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Bay Area Security Firm That Revealed Target Breach Details Changing Tactics For Cybercriminals

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Juliette-Goodrich_BIO-HEAD Juliette Goodrich
Emmy award winning reporter and Bay Area native Juli...
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MILPITAS (KPIX 5) — Crooks have already used the HeartBleed bug to break into a major corporation’s network system.  While it’s unclear whether the bad guys stole anything, statistics show cybercrime is on the rise, the crooks are changing tactics, and the playing field has exploded.

For example, at a big company, the cyber spies stirred up trouble by hiding malicious code into a popular online menu for Chinese food.

The strategy: to lure unsuspecting workers to the menu and then entice them to “click” and start the attack.

“If they know you’re connecting to a Chinese menu, and if I can get you to visit that website, I can start an attack occurring on your computing device,” said Dave DeWalt, Chairman and CEO of FireEye, a cybersecurity firm located in Milpitas.

The same kind of sneak attack unfolded at Target.

Culprits stole credentials from an air conditioning company with an online tie to the retailer.

“We’re only one click away from any website in the world,” said DeWalt.

Bloomberg BusinessWeek reported how FireEye spotted the security breach and alerted Target weeks before the hackers transmitted stolen data.

FireEye wouldn’t talk about Target to KPIX 5, but as the reported story in Bloomberg shows, its advanced technology can spot attacks before they happen.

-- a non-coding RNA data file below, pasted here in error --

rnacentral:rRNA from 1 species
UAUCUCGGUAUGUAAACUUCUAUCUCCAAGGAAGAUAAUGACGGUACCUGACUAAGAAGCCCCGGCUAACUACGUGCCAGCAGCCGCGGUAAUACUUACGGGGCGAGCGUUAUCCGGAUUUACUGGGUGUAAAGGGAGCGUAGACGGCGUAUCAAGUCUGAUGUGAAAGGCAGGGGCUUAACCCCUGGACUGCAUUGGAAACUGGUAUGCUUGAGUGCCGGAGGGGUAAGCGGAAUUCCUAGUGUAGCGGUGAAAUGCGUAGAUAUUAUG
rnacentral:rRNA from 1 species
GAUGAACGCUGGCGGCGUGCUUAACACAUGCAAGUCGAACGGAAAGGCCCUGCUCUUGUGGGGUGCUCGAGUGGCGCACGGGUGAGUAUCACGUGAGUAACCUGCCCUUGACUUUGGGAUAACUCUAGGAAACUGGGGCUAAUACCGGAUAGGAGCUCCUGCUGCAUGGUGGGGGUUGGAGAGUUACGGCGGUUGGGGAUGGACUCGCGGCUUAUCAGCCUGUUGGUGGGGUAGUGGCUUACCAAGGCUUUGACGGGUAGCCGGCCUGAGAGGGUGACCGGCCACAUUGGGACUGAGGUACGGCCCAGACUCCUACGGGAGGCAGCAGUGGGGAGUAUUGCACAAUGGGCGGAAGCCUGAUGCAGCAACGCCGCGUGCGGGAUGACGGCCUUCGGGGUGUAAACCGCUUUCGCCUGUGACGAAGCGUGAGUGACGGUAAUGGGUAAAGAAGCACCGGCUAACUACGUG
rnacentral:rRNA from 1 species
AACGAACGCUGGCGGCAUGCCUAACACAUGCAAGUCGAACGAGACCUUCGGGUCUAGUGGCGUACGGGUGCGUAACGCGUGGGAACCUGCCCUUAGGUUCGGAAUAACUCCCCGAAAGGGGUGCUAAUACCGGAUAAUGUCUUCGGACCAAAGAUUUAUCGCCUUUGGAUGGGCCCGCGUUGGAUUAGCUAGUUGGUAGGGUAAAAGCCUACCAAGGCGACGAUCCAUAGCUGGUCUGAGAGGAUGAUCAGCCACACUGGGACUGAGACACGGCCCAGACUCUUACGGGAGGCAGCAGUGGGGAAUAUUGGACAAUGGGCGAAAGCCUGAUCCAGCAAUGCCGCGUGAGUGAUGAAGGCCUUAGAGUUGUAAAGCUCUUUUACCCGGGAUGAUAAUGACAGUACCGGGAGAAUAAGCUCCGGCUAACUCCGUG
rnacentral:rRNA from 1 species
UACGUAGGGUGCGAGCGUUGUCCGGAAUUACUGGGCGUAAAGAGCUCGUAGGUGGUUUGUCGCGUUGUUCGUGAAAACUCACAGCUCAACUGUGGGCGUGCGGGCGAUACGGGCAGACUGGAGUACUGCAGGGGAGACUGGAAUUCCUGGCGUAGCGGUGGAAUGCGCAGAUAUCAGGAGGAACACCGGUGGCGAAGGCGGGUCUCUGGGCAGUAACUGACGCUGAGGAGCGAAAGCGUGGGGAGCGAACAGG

The technology, called MVX, is a virtual machine that tests every application, every download, or every website click before it enters your system. The idea: to see if it’s good or not. Any abnormal behavior triggers an alert. That alert then allows a client or company to block that website or application before any damage is done.

“Now a lot of those threats have moved from email to something hiding on a website,” DeWalt told KPIX 5.

Who are the attackers and what do they want? They vary from nation-state culprits who are going after intellectual property, to criminal groups who want to steal your financial assets.

“We see roughly 100,000 attacks per day,” explained Zheng Bu, Vice President of Security Research at FireEye.

Bu stood in front of FireEye’s Global Strike Heat Map, which shows in real time how sophisticated cyber-attacks unfold.

They are called zero-day attacks: these are attacks that no one has seen before.

In most cases, once attackers get into your system, they can spend a long time scooping up the goods.

“From the time a large company gets breached to the time they even know they are breached, takes almost a year,” said DeWalt.

And while the threat is global, security experts believe the Bay Area is a special target.

“We’ve been seeing for quite a few years the attackers have gone after the high-tech world,” said DeWalt.

What’s a consumer to do? The experts at FireEye said to get smarter about the technology; monitor your finances more often and carefully, don’t blindly follow links or open up attachments, change your passwords on a regular basis. And don’t think you won’t be a target: anytime you click on to the internet, you’re vulnerable to attack.

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